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Kai Ryssdal: Heidi Moore made a good point a couple of minutes ago. Say what you will about the World Economic Forum being an out-of-touch gathering of the global elite — and many people have said exactly that — but there is this to consider: A couple of days in Davos can be a pretty good break from the regular grind. That’s true for the journalists covering it. It’s true for the politicians who’re there. And it’s true for the CEOs who get to spend some time thinking about where their companies and the global economy go from here.
I asked Indra Nooyi that question the other day. She’s the CEO of Pepsi. She’s in Davos. Her answer was a redefinition of a fundamental measurement of how companies work, profit and loss, or P & L.
Indra Nooyi: I think the first thing that every CEO has to accept that we’re in business to serve the stakeholder. And the stakeholder is, in fact, multifaceted, has different interests, represents different constituencies. And we have to make sure our new P & L actually says revenue, less costs of good sold, less costs to society — and that’s your real profit. And if we start with that as the P & L, and we start with the notion of the stakeholder, and not the shareholder, the way in which corporations act and the way they’re perceived will all change.
Ryssdal: That’s no small job, given that the attitude in the broader public toward corporations these days are not all that positive.
Nooyi: You know, that’s unfortunate, because I think the public perception of corporations and CEOs is worse than reality. Because I interface with a lot of CEOs and I tell you, a lot of the CEOs I interface with have real desire to do good for society, have a real desire to make change that’s positive, want to help governments address issues. I think what we do is we start with this distrust, and therefore, we don’t bring out the best in people. My dad would always say, “Assume positive intent.” I think the time has come to assume positive intent on both sides and let’s see what happens going forward.
Ryssdal: That’s tough though, because corporations are obliged to do the best for their shareholders, they’re obliged to maximize their profits. The public sees that and they say, “Ah, they’re just out for themselves and to make money. And what about the little guy?”
Nooyi: I think that’s the old definition of the corporation. I think the new corporation is, in fact, thinking stakeholders, and not just shareholders, because they all look at the financial crisis. And I think the financial crisis came about because there was a maniacal focus on the shareholders. And everybody’s now got a dose of religion adn realizes that a maniacal focus on the shareholder will hit you up against the wall. So people are now beginning to embrace, faster than you’d ever imagine, that the stakeholder is the right person to focus on, because companies can do well, long term, only if the societies in which they operate also do well.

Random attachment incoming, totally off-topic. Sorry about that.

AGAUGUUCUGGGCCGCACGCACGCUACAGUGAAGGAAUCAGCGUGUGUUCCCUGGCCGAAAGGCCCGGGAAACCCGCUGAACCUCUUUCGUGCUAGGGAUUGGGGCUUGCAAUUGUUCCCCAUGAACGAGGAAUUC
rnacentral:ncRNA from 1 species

Ryssdal: Do you feel maligned at all by the financial crisis, you as a CEO of a big corporation?
Nooyi: Not really. I think people have recognized that many of the Main Street companies, in fact, kept operating through the financial crisis and performed very well through the crisis and they really were not part of the crisis. But at the end of the day, we need a successful, thriving Wall Street to access financing and for companies to grow and function. And so it’s critically important Wall Street comes back as quickly as possible, provides the capital for companies to keep growing, but let’s get on with life, because we cannot afford to stay in this state of suspended animation much too long.
Ryssdal: Do me a favor and give me, would you, the mood of Davos this year, as compared to the other times you’ve been there?
Nooyi: Well, I tell you, the mood in Davos, prior to last year, was quite optimistic. Last year, I think was a turning point; everybody came here to talk about the recession, the downturn, the meltdown of the financial system. This time around, the conversation’s centered exclusively on the future — creating jobs, capitalism 2.0, the role of global cooperation, the role of CEOs, executive compensation, values behind capitalism. I think the mood is more forward looking, but clearly, one where people are confused as to who’s actually going to take the action.
Ryssdal: Indra Nooyi, she’s the CEO of PepsiCo. We reached her at the World Economic Forum at Davos. Mrs. Nooyi, thank you so much for your time.
Nooyi: Thank you, Kai. It’s been a pleasure talking with you.
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